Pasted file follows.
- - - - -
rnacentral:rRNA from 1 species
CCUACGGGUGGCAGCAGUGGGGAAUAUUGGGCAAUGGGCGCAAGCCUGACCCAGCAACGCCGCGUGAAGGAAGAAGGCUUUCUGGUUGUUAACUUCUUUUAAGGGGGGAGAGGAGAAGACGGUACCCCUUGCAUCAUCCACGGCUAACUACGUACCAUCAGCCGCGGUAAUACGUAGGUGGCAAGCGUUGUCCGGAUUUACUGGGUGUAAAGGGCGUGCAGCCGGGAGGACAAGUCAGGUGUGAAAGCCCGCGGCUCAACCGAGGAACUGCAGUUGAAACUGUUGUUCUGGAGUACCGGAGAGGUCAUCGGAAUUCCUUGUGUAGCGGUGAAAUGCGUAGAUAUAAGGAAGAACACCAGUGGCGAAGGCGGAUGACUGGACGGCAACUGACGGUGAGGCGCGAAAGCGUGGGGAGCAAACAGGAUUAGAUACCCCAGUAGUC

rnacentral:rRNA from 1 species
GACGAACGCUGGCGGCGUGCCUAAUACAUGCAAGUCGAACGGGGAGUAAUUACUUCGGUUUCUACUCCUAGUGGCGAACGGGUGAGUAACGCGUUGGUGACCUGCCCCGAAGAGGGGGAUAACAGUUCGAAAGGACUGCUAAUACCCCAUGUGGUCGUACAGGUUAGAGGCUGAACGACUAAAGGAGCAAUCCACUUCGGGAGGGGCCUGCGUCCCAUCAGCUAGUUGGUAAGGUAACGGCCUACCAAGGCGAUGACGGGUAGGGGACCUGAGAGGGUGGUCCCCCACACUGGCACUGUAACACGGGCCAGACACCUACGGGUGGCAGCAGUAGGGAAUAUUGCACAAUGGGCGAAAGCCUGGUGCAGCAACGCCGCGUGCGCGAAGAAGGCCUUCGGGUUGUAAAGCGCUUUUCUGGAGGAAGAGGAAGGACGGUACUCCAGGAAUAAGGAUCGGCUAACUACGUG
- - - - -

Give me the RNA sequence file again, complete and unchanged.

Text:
rnacentral:rRNA from 1 species
CCUACGGGUGGCAGCAGUGGGGAAUAUUGGGCAAUGGGCGCAAGCCUGACCCAGCAACGCCGCGUGAAGGAAGAAGGCUUUCUGGUUGUUAACUUCUUUUAAGGGGGGAGAGGAGAAGACGGUACCCCUUGCAUCAUCCACGGCUAACUACGUACCAUCAGCCGCGGUAAUACGUAGGUGGCAAGCGUUGUCCGGAUUUACUGGGUGUAAAGGGCGUGCAGCCGGGAGGACAAGUCAGGUGUGAAAGCCCGCGGCUCAACCGAGGAACUGCAGUUGAAACUGUUGUUCUGGAGUACCGGAGAGGUCAUCGGAAUUCCUUGUGUAGCGGUGAAAUGCGUAGAUAUAAGGAAGAACACCAGUGGCGAAGGCGGAUGACUGGACGGCAACUGACGGUGAGGCGCGAAAGCGUGGGGAGCAAACAGGAUUAGAUACCCCAGUAGUC

rnacentral:rRNA from 1 species
GACGAACGCUGGCGGCGUGCCUAAUACAUGCAAGUCGAACGGGGAGUAAUUACUUCGGUUUCUACUCCUAGUGGCGAACGGGUGAGUAACGCGUUGGUGACCUGCCCCGAAGAGGGGGAUAACAGUUCGAAAGGACUGCUAAUACCCCAUGUGGUCGUACAGGUUAGAGGCUGAACGACUAAAGGAGCAAUCCACUUCGGGAGGGGCCUGCGUCCCAUCAGCUAGUUGGUAAGGUAACGGCCUACCAAGGCGAUGACGGGUAGGGGACCUGAGAGGGUGGUCCCCCACACUGGCACUGUAACACGGGCCAGACACCUACGGGUGGCAGCAGUAGGGAAUAUUGCACAAUGGGCGAAAGCCUGGUGCAGCAACGCCGCGUGCGCGAAGAAGGCCUUCGGGUUGUAAAGCGCUUUUCUGGAGGAAGAGGAAGGACGGUACUCCAGGAAUAAGGAUCGGCUAACUACGUG